The Miser : A Comedy
Jean-Baptiste Poquelin, known by his stage name Moliere, a French playwright and actor is considered to be one of the greatest masters of comedy in Western literature. "The Miser" was first produced when Moliere's company was under the protection of Louis XIV himself. It was loosely based on the Latin comedy Aulularia by Plautus, from which many incidents and scraps of dialogue are borrowed, as well as from contemporary Italian farces. The miser of the title is called Harpagon, a name adapted from the Latin harpago, meaning a hook or grappling iron. He is obsessed with the wealth he has amassed and always ready to save expenses. Now a widower, he has a son, Cleante, and a daughter, Elise. Although he is over seventy, he is attempting to arrange a marriage between himself and an attractive young woman, Mariane. She and Cleante are already devoted to each other, however, and the son attempts to procure a loan to help her and her sick mother, who are impoverished. Elise, Harpagon's daughter, is the beloved of Valere, but her father hopes to marry her to a wealthy man of his choosing, Seigneur Anselme. Meanwhile Valere has taken a job as steward in Harpagon's household so as to be close to Elise. The complications are only resolved at the end by the rather conventional discovery that some of the principal characters are long lost relatives. Satire and farce blend in the fast-moving plot, as when the miser's hoard is stolen. Asked by the police magistrate whom he suspects, Harpagon replies, "Everybody! I wish you to take into custody the whole town and suburbs" and indicates the theatre audience while doing so. The play also makes fun of certain theatrical conventions, such as the spoken aside addressed to the audience, hitherto ignored by the characters onstage. The characters of "The Miser," however, generally demand to know who exactly is being spoken to."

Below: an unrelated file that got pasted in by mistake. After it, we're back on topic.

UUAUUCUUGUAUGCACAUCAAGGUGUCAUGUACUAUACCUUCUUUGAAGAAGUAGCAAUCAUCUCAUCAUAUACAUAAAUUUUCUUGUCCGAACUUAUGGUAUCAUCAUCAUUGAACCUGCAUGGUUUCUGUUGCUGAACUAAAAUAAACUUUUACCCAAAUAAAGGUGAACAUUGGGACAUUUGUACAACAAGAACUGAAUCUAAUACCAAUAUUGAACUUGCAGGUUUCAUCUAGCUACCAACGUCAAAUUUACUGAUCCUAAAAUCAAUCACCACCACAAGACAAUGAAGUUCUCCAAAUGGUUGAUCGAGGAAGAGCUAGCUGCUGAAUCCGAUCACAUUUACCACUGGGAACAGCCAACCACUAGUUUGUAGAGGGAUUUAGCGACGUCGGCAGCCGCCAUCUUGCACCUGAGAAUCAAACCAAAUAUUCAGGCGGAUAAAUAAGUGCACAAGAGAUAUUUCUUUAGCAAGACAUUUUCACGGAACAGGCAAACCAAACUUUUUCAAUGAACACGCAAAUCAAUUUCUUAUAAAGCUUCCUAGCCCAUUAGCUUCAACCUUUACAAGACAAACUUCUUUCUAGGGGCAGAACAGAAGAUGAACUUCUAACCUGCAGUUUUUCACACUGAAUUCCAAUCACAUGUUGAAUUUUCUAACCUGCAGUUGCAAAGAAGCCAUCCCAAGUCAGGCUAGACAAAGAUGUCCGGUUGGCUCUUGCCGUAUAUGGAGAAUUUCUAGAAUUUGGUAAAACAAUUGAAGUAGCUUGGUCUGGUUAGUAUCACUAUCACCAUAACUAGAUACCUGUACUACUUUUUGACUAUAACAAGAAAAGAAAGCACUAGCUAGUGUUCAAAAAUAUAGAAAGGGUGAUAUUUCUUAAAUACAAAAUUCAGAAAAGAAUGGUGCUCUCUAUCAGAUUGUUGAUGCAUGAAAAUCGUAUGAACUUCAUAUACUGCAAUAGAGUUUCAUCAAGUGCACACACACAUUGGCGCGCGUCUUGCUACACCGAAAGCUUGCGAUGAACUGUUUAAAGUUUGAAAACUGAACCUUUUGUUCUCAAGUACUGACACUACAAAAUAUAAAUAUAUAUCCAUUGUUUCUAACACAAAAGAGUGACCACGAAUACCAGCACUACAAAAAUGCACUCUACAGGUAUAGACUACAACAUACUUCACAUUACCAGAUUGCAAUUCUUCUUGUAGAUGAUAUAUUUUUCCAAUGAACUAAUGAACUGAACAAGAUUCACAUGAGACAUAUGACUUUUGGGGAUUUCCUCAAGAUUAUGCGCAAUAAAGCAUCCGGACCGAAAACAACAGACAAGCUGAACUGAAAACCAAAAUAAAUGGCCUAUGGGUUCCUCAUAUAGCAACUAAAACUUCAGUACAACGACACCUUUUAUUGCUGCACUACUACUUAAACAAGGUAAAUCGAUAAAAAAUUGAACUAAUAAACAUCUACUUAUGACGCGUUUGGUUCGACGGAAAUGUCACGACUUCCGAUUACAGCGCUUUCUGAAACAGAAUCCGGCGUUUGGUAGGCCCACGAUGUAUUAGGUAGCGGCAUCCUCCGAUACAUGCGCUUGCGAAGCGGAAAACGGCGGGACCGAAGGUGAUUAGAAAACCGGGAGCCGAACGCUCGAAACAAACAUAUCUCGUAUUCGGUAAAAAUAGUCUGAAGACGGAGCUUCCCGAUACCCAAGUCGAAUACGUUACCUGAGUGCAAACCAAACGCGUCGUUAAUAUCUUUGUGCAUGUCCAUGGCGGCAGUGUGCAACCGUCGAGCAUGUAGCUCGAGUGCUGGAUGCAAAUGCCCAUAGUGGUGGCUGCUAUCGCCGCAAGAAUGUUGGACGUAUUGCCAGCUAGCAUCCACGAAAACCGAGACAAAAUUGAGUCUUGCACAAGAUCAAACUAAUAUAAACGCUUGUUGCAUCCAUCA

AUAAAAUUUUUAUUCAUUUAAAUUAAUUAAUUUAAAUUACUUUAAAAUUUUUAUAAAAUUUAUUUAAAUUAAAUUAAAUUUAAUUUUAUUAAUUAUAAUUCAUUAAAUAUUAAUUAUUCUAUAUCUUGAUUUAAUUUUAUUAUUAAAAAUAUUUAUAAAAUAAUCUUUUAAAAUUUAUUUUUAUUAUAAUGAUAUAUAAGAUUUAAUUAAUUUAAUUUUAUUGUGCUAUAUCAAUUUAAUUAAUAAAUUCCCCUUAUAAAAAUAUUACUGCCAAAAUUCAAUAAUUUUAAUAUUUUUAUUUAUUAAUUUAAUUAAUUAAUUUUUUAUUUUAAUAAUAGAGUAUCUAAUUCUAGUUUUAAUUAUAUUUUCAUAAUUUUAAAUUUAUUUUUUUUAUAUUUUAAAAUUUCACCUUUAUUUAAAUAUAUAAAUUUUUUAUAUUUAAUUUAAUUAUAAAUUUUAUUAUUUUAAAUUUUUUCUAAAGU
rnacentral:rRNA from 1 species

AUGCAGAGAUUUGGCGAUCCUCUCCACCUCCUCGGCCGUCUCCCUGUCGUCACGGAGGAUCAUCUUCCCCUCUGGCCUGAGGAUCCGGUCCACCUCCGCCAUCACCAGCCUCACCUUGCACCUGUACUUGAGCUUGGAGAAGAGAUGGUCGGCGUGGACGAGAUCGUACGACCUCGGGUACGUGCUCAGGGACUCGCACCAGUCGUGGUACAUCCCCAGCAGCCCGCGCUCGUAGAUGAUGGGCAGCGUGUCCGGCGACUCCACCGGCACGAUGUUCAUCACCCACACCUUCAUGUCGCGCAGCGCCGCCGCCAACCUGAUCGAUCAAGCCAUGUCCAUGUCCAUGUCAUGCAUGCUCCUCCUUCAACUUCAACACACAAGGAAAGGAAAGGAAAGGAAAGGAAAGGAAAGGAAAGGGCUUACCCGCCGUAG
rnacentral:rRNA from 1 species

- Paperback | 72 pages
- 128.52 x 198.37 x 4.06mm | 127.01g
- 07 Feb 2015
- Createspace Independent Publishing Platform
- United States
- black & white illustrations